Out of fairness, I want to point out that there are people making the same mistake on the other side of this dispute. Just as there are those who seek to use these shootings to promote hate against the 'godless' and 'liberals', there are people seeking to use 9/11 and the situation in the Middle East to promote hatred of the people of faith.
Admittedly, the case against people of faith being responsible for 9/11 is far stronger than the case that the godless are responsible for Columbine and the Amish school shootings. The 9/11 hijackers were explicitly acting in the name of God, while the murderers in these school shooting cases were not acting in the name of godlessness. However, this does not disprove the fundamental injustice of blaming people for a crime they had nothing to do with – as in blaming the Amish for 9/11 because they, like the perpetrators of that crime, are people of faith.
It's the same type of argument. "Take all of your hate and your condemnation for those responsible for 9/11 and fix it on people of faith - blame all of them - irrespective of their differences."
As if the Amish community that suffered this tragedy is made up of people who would encourage and promote activities like 9/11.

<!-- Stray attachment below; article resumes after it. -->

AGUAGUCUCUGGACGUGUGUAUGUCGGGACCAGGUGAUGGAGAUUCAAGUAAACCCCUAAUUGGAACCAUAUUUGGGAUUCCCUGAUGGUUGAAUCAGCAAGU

In both cases, there is only one group of people who can be legitimately blamed for the crimes that took place. That is those who participated in them, and those who cheered the results.
Ultimately, my objection in this essay is to the repugnant habit that too many people have of exploiting an event such as 9/11 and the Amish or Columbine school shooting to focus hatred on the speaker’s favorite target group. This type of behavior simply adds one injustice on top of another – casting a net that captures a huge group of innocent people and targets them with condemnation that can only justly be inflicted on those who are actually guilty.
It is a habit that does us no good, that should be recognized as repugnant whenever it occurs, and that all good people interested in making a better society would seek to put to an end.
For the record, I find Bill O'Reilly's endorsement of this bigotry - his eagerness to cast it as a 'legitimate opinion' to be repugnant as well.